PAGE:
The Glorified Humanity of Christ

In the first chapter of Romans, there is a verse which some translations render, “declared the Son of God with power by the resurrection,” and which another renders, “by the resurrection, appointed to be the Son of God with power.”

I am not here interested in which is the more faithful translation of the Greek, for both emphasize different truths (if they are, indeed, different truths). The resurrection is the greatest proof of Jesus’ deity; it is the greatest proof that He is indeed, who He claimed to be, one with the Almighty and the Almighty Himself; the Son of God who will come on the clouds of heaven at the right hand of the Majesty; the one whose acknowledgement is eternal life and whose disregard and condemnation is everlasting death. When God raised Jesus from the dead, He proved to the whole world that Jesus is His beloved Son and said to humanity with a voice louder than that with which He spoke at Jesus’ baptism in the river Jordan and on the mountain of transfiguration, “This is My beloved Son in whom I am well-pleased: listen to Him!” Continue reading “The Glorified Humanity of Christ”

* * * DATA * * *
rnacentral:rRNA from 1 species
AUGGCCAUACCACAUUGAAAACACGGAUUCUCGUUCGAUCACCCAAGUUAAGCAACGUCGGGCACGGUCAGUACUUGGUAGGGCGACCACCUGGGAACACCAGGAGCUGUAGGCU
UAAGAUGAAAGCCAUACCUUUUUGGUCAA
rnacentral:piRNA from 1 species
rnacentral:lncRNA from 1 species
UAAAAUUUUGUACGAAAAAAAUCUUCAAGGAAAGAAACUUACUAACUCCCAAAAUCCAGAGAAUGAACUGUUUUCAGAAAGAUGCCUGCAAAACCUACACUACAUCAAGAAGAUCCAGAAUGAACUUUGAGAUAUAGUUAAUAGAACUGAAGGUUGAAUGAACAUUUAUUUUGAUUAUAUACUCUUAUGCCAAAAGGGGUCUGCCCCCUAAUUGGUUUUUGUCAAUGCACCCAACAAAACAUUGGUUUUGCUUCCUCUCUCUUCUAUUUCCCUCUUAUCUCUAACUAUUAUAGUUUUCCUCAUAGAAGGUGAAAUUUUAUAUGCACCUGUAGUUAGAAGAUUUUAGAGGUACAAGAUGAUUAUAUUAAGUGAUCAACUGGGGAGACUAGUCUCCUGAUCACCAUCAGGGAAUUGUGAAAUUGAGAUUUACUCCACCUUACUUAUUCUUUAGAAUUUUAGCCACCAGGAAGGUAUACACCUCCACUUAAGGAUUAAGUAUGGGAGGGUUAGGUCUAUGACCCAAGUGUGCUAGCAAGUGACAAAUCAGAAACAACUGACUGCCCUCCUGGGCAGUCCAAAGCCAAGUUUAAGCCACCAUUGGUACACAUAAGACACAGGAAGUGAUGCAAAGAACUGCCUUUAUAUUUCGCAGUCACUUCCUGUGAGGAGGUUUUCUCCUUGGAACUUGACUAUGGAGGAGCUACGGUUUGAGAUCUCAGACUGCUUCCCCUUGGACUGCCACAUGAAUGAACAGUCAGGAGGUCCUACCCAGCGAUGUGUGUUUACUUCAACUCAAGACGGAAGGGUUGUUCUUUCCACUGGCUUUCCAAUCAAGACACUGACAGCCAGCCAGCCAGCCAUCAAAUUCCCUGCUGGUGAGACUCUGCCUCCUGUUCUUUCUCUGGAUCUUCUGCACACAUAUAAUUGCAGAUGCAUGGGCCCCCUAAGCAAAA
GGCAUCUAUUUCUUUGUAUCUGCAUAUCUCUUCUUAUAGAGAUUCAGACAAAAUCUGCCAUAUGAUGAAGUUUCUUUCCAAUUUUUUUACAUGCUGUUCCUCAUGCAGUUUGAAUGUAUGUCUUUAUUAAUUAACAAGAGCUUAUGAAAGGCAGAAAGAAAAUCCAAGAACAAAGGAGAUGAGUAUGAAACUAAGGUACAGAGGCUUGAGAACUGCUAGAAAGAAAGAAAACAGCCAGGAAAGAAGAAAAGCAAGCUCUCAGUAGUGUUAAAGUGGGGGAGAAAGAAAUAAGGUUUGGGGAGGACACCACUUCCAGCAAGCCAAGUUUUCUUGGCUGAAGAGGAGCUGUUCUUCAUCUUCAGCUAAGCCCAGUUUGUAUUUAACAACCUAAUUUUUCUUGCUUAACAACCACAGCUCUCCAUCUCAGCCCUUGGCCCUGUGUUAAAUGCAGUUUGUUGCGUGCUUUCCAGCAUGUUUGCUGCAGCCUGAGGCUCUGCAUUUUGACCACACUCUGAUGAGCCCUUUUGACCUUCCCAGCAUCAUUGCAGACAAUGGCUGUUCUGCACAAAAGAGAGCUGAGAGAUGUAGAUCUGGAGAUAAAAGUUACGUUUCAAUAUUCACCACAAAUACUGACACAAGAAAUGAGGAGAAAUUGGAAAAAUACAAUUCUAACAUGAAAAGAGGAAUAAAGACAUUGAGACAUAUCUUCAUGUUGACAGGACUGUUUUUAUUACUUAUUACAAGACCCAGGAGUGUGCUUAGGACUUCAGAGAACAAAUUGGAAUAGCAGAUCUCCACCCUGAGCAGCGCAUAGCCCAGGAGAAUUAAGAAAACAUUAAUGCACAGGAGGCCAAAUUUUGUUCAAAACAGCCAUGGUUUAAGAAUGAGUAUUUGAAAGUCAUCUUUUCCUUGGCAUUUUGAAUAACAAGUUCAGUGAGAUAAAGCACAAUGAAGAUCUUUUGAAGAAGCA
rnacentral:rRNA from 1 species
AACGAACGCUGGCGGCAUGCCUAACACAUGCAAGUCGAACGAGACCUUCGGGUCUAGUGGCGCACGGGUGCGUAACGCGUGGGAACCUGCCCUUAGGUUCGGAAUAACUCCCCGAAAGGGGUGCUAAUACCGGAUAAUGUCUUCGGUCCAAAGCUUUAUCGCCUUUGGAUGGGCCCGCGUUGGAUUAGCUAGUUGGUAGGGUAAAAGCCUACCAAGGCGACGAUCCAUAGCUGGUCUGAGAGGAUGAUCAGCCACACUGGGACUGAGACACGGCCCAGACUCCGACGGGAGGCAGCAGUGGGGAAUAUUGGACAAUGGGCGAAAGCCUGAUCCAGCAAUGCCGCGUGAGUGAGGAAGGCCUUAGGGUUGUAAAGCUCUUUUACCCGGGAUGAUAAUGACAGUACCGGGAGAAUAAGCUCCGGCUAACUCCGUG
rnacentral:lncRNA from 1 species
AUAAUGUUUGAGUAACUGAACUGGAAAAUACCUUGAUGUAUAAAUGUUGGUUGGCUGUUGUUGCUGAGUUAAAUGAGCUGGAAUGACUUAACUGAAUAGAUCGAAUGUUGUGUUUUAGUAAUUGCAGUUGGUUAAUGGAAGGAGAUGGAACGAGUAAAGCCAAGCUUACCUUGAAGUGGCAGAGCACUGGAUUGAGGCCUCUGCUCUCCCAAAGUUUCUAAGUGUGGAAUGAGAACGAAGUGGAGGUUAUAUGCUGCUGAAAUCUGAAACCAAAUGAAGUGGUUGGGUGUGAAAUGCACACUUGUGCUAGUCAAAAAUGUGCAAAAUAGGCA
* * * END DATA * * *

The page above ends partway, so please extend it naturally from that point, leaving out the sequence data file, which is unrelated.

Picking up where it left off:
Blessed are the Poor in Spirit and Our Daily Bread

“Blessed are the poor in spirit, for theirs is the kingdom of heaven.”

“Give us this day our daily bread.”

To be poor in spirit means to recognize that we are creatures. This may well be a description of repentance, for sin began when Satan told Eve that if she ate of the forbidden fruit of the tree of knowledge of good and evil she would be like God and she and Adam ate the fruit. Sin is creatures trying to be self-sufficient, trying to be their own creator, and so repentance means turning from this desire and insistence on being our own and our own creator and recognizing that we are creatures.

It is because we are creatures that we are completely dependent on the grace of God. Continue reading “Blessed are the Poor in Spirit and Our Daily Bread”